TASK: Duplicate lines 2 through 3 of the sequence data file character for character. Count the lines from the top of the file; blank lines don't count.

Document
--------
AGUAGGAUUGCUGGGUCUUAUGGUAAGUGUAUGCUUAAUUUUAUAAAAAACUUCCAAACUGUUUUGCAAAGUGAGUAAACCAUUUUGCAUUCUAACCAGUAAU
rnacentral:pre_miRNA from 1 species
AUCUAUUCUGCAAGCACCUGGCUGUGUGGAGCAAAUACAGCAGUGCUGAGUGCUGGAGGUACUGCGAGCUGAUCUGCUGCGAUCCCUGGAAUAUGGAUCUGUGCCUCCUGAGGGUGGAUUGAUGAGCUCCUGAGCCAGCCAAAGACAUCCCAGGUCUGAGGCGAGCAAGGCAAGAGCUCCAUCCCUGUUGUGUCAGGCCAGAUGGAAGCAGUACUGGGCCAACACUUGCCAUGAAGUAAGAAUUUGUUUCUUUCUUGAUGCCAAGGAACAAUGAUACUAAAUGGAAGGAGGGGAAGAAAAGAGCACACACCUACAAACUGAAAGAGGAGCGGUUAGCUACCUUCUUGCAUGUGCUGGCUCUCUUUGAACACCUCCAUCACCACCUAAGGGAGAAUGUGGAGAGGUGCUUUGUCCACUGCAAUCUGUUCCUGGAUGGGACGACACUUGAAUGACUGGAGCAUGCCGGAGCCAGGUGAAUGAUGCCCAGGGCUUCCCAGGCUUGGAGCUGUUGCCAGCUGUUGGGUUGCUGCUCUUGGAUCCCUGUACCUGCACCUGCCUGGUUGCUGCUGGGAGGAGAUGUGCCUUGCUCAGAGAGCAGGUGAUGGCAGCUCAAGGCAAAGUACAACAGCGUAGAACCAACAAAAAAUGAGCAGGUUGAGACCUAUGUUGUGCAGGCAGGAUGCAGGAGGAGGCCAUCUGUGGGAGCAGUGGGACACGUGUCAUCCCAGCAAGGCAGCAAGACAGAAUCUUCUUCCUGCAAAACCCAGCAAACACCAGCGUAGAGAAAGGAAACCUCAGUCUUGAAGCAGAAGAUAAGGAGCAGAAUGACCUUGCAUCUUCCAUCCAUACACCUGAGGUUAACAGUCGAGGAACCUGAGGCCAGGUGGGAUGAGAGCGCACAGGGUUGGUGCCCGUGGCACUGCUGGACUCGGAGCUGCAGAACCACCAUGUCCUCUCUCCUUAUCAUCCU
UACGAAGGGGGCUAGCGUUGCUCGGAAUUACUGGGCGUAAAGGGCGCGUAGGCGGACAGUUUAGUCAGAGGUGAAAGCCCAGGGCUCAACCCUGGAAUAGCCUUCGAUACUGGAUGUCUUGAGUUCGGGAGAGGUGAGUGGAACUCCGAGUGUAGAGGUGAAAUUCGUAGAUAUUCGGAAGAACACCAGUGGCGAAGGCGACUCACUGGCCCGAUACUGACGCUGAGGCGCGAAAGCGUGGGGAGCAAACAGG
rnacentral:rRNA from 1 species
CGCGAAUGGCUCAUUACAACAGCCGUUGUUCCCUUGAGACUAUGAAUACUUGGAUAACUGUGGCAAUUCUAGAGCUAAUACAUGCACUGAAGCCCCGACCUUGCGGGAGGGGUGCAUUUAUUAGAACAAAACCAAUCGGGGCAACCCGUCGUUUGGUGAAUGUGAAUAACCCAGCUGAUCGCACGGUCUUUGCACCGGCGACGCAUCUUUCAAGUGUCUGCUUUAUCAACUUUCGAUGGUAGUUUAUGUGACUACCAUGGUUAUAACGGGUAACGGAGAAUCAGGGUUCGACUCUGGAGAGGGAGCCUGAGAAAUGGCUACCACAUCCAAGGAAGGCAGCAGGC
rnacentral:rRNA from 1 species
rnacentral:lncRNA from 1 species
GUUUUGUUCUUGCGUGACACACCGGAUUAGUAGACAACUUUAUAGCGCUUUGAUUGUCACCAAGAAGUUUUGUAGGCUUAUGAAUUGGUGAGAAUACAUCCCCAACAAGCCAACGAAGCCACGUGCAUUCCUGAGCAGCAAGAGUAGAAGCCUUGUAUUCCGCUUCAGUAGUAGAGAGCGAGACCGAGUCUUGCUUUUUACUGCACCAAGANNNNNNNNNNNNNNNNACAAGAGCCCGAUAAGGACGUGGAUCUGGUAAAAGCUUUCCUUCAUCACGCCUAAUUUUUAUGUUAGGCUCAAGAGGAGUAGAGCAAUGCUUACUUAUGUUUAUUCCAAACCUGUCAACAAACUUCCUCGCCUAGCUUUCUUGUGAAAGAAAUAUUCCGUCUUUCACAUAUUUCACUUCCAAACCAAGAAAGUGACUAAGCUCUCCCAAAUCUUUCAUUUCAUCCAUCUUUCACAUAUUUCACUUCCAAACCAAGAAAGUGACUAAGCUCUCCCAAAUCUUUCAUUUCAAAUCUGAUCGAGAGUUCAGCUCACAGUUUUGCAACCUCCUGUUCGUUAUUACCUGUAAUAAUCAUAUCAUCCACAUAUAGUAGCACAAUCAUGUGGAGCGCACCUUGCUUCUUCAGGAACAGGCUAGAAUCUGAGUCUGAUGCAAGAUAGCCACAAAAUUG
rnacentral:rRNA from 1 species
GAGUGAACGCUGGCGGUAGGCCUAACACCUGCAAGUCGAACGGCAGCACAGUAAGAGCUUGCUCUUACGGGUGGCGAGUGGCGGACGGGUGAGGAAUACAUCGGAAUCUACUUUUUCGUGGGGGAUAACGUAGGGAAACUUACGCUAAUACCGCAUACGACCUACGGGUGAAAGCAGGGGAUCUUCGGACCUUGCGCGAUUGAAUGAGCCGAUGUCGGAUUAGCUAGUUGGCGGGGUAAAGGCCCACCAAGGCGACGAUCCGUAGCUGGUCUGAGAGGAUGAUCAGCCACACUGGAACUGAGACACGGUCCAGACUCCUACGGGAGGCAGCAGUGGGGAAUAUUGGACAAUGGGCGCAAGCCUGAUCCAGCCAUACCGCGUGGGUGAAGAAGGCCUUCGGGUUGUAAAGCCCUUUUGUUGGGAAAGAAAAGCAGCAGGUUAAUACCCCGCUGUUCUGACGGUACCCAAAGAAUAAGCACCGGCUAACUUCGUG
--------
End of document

rnacentral:pre_miRNA from 1 species
AUCUAUUCUGCAAGCACCUGGCUGUGUGGAGCAAAUACAGCAGUGCUGAGUGCUGGAGGUACUGCGAGCUGAUCUGCUGCGAUCCCUGGAAUAUGGAUCUGUGCCUCCUGAGGGUGGAUUGAUGAGCUCCUGAGCCAGCCAAAGACAUCCCAGGUCUGAGGCGAGCAAGGCAAGAGCUCCAUCCCUGUUGUGUCAGGCCAGAUGGAAGCAGUACUGGGCCAACACUUGCCAUGAAGUAAGAAUUUGUUUCUUUCUUGAUGCCAAGGAACAAUGAUACUAAAUGGAAGGAGGGGAAGAAAAGAGCACACACCUACAAACUGAAAGAGGAGCGGUUAGCUACCUUCUUGCAUGUGCUGGCUCUCUUUGAACACCUCCAUCACCACCUAAGGGAGAAUGUGGAGAGGUGCUUUGUCCACUGCAAUCUGUUCCUGGAUGGGACGACACUUGAAUGACUGGAGCAUGCCGGAGCCAGGUGAAUGAUGCCCAGGGCUUCCCAGGCUUGGAGCUGUUGCCAGCUGUUGGGUUGCUGCUCUUGGAUCCCUGUACCUGCACCUGCCUGGUUGCUGCUGGGAGGAGAUGUGCCUUGCUCAGAGAGCAGGUGAUGGCAGCUCAAGGCAAAGUACAACAGCGUAGAACCAACAAAAAAUGAGCAGGUUGAGACCUAUGUUGUGCAGGCAGGAUGCAGGAGGAGGCCAUCUGUGGGAGCAGUGGGACACGUGUCAUCCCAGCAAGGCAGCAAGACAGAAUCUUCUUCCUGCAAAACCCAGCAAACACCAGCGUAGAGAAAGGAAACCUCAGUCUUGAAGCAGAAGAUAAGGAGCAGAAUGACCUUGCAUCUUCCAUCCAUACACCUGAGGUUAACAGUCGAGGAACCUGAGGCCAGGUGGGAUGAGAGCGCACAGGGUUGGUGCCCGUGGCACUGCUGGACUCGGAGCUGCAGAACCACCAUGUCCUCUCUCCUUAUCAUCCU